The supercritical fluid extraction (SFE) method has gained increasing interest as a means of extracting cannabinoids from cannabis due to its selective extraction, short processing time, low running cost, and low impact on the environment, compared to conventional solvent-based extraction methods. SFE is a process in which the supercritical fluid (SCF) separates or dissolves components from the plant matrix according to their solvating properties. The solvating property of extracting the component can be maintained by changing the temperature and pressure above the critical point. Therefore, due to the tunable nature of SCF it can only target the desired substance from the sample matrix [8]. Additionally, the design of the SCF extracting chamber also plays an important role in the interaction of SCF substance with a targeted analyte. Proper experimental design can also maximize the yield of the targeted component with high purity. Various theoretical and physical factors (such as inlet and outlet valves of SCF into the extracting chamber, and separating chamber) also participates simultaneously to obtain the high yield. Furthermore, managing the pressure and throttling effect of SCF during extraction collection can enhance the extractability of SCF [9,10].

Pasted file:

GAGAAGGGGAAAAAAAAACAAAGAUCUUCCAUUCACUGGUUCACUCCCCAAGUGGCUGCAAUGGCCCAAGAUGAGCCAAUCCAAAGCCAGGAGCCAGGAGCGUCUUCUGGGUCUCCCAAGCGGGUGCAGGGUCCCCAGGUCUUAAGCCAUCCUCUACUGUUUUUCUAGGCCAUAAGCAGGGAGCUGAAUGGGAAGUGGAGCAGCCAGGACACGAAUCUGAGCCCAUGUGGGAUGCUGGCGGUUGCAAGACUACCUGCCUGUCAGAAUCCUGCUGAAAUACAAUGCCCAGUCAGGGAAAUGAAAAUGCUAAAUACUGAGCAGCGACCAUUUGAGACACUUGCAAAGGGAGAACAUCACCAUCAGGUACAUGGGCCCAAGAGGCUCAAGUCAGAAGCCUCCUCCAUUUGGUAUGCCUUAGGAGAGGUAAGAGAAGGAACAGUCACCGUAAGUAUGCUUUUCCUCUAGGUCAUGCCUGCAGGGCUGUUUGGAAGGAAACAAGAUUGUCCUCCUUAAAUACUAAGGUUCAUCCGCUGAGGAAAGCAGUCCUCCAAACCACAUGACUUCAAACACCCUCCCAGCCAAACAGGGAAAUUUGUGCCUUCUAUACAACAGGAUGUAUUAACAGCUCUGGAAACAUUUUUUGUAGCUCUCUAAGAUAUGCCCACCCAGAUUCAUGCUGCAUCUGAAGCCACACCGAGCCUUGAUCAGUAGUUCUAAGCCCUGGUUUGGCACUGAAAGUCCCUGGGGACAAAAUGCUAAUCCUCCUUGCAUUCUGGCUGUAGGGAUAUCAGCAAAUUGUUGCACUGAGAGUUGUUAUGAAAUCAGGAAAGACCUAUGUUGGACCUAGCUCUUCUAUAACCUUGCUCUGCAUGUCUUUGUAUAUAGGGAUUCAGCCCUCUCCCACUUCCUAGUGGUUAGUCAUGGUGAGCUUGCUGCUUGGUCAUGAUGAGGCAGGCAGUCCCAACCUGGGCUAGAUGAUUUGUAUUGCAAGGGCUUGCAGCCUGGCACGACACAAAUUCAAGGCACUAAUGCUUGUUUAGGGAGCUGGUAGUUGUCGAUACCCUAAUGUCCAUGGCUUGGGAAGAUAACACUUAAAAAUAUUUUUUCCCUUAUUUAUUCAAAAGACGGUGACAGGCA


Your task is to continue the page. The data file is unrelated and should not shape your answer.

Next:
After the extraction of cannabinoids, the fast and reliable quantification method is an essential step of the analysis. Gas chromatography (GC) is considered as the most useful quantifying and separating technique for the analysis of cannabinoids as it considers a simpler and faster technique compared to high-performance liquid chromatography (HPLC) [11]. However, during GC analysis, acidic cannabinoids convert into their neutral form due to the thermal effect. Therefore, the proper quantification of cannabinoids through GC derivatization step is necessary [12]. HPLC is also considered as the simplest method to analyze the cannabinoids from the cannabis plant and other matrixes, as it does not require high heating step for analysis of the cannabinoids. Therefore, previously a number of HPLC methods have been developed for the determination of cannabinoids [13].